By | Dr Marshall Goldsmith | #1 Leadership Thinker, Exec Coach, NYT Bestselling Author. Dartmouth Tuck Professor Mgmt Practice
Dorie Clark is an expert at helping people get their message across in a very crowded marketplace. A wonderful friend of mine, Dorie is a member of our 100 Coaches organization and a fantastic thinker.
The author of Entrepreneurial You, Reinventing You, and Stand Out, and an Adjunct Professor of Business Administration at Duke University’s Fuqua School of Business, Dorie is a former presidential campaign spokeswoman, and a frequent contributor to the Harvard Business Review and Forbes.
This week Dorie shares with us two suggestions for discovering our passion and how to turn that into a career. Below is an excerpt of our interview.
Marshall: Dorie, you are a member of our 100 Coaches organization, a fantastic thinker, and a world’s authority in helping people get their message across in a very crowded marketplace.
So, I’ve got a question. You’re great at helping people get their message across. What if they don’t know what their passion is? You’ve got to have a passion about something to get your message out, right?
Dorie: That’s right Marshall! That’s an important starting point. For folks who aren’t sure what their passion is, I have a couple of suggestions.
- My first suggestion came from a friend of mine, the author James Altucher, and I think it is a really interesting experiment. Try this. If you were in a bookstore and it was a requirement that you had to read all the books in a certain section of the store, which section would you pick? This is an interesting way of beginning to think about your passion. What section would it be? Health? Business? Science fiction? Your answer shows the direction where your passion lies.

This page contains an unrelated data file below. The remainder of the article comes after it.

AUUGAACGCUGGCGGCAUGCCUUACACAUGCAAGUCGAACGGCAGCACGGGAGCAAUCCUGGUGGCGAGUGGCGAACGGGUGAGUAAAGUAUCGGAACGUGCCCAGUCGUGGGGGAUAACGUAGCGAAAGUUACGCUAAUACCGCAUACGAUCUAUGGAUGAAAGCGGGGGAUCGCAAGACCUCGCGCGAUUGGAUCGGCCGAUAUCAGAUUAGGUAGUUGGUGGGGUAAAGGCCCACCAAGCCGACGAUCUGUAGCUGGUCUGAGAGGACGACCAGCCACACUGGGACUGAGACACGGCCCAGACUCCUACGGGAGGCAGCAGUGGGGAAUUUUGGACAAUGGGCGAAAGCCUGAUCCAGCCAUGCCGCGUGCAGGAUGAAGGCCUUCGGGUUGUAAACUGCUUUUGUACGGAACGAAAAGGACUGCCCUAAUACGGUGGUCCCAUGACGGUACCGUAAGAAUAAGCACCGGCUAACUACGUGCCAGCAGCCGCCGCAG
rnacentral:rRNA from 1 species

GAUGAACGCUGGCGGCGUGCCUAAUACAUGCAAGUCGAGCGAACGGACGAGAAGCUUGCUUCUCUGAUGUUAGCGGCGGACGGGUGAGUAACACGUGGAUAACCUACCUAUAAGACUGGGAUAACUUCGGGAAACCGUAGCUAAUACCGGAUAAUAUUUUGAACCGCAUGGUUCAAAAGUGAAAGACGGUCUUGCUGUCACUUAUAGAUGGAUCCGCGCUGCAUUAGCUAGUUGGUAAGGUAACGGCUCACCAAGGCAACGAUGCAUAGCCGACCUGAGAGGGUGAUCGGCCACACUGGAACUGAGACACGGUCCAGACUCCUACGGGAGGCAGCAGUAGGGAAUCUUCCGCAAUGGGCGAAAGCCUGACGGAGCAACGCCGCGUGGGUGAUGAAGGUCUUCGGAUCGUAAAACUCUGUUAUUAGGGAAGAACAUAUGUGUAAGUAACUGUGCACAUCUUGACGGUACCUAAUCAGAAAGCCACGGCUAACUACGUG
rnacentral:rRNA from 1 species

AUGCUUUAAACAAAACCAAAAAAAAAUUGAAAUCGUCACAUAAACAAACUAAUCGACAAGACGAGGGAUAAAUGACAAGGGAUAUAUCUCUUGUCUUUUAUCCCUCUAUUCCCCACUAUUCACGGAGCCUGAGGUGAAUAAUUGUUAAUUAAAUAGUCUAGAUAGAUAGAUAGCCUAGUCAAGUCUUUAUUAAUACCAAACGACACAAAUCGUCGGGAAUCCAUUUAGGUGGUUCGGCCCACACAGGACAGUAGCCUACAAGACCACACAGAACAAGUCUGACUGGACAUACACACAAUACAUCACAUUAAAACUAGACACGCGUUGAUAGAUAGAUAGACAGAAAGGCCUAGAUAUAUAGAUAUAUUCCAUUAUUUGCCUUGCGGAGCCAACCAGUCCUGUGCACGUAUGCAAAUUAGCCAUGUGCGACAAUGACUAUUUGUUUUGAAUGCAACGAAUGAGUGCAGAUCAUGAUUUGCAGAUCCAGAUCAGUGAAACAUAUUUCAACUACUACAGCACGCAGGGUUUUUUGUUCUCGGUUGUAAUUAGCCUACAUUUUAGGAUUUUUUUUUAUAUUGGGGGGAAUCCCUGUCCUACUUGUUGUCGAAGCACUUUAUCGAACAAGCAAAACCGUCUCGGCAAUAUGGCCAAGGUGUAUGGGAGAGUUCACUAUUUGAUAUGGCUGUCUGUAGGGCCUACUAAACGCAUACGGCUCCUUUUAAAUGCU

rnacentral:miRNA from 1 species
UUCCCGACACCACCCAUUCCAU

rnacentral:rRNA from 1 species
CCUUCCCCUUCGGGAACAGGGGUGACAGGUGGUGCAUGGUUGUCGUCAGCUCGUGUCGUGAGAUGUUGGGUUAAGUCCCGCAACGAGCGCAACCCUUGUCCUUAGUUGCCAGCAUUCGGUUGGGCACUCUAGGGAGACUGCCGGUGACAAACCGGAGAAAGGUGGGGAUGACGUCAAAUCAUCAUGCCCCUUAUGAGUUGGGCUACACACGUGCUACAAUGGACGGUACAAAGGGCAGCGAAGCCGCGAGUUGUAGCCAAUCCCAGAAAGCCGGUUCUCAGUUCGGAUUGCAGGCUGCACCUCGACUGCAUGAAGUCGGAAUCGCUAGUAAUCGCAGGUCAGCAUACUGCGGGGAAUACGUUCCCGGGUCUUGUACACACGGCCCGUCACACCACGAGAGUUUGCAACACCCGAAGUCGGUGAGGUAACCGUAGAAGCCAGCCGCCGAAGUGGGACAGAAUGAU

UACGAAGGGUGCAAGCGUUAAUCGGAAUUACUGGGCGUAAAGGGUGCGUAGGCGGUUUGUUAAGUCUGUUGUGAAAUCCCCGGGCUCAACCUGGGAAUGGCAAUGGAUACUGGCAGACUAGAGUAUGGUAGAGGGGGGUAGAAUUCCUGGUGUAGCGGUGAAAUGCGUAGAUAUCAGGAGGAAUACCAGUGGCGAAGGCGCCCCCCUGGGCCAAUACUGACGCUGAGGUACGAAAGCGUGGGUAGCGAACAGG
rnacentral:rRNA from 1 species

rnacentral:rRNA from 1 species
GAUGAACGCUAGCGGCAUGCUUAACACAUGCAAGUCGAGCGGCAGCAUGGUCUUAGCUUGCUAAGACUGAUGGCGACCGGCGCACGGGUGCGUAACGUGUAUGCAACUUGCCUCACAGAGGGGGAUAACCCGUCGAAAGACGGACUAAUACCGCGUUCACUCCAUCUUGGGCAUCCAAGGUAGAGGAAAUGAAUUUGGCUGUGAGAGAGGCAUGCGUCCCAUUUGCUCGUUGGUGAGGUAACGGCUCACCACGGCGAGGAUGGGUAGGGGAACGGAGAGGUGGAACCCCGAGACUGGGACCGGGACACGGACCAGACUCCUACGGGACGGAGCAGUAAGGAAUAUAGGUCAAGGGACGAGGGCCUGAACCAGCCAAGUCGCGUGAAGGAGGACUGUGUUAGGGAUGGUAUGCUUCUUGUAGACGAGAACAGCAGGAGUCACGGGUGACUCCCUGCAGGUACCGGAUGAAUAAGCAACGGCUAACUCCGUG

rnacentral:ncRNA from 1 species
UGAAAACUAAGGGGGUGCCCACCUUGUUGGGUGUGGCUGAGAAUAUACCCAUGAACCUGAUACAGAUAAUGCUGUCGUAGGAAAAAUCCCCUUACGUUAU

- The second suggestion, which I write about in my book Reinventing You, can be very useful for people. It often feels intimidating to find the “one right thing”, and I think for some of us it may be the wrong starting point. We might want to start instead on ruling things out. I wrote about a woman named Elizabeth who came up with a list of 10 professions that she was very interested in. Then she set about to attempt to disprove her interest in all of these areas. She did informational interviews, read books, and subscribed to magazines about the topics. She looked for pieces of information that would help her say, “Well no, actually, venture capital or real estate is not for me.” She was very thorough and meticulous in this research, so that she was whittled down a broad field of interests to what was right for her. This can be a lot less intimidating than trying to pick the exact right thing out of the gate.
Marshall: I love that! Instead of just figuring out what we want to do, which is important, you also need to ask, “What is it I don’t want to do?” Thank you!